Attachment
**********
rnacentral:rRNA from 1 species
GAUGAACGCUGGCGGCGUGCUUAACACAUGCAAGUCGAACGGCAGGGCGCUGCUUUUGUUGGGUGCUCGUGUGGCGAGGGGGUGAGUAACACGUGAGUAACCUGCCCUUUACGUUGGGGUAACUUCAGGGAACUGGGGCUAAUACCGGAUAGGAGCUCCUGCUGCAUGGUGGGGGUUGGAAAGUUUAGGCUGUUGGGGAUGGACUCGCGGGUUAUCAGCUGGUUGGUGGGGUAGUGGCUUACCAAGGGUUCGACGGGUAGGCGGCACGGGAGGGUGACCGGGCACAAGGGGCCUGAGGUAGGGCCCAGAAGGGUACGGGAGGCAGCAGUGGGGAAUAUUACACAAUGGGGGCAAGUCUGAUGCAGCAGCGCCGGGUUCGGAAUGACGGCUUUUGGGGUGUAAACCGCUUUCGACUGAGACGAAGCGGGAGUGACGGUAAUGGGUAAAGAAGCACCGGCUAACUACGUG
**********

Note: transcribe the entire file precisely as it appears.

rnacentral:rRNA from 1 species
GAUGAACGCUGGCGGCGUGCUUAACACAUGCAAGUCGAACGGCAGGGCGCUGCUUUUGUUGGGUGCUCGUGUGGCGAGGGGGUGAGUAACACGUGAGUAACCUGCCCUUUACGUUGGGGUAACUUCAGGGAACUGGGGCUAAUACCGGAUAGGAGCUCCUGCUGCAUGGUGGGGGUUGGAAAGUUUAGGCUGUUGGGGAUGGACUCGCGGGUUAUCAGCUGGUUGGUGGGGUAGUGGCUUACCAAGGGUUCGACGGGUAGGCGGCACGGGAGGGUGACCGGGCACAAGGGGCCUGAGGUAGGGCCCAGAAGGGUACGGGAGGCAGCAGUGGGGAAUAUUACACAAUGGGGGCAAGUCUGAUGCAGCAGCGCCGGGUUCGGAAUGACGGCUUUUGGGGUGUAAACCGCUUUCGACUGAGACGAAGCGGGAGUGACGGUAAUGGGUAAAGAAGCACCGGCUAACUACGUG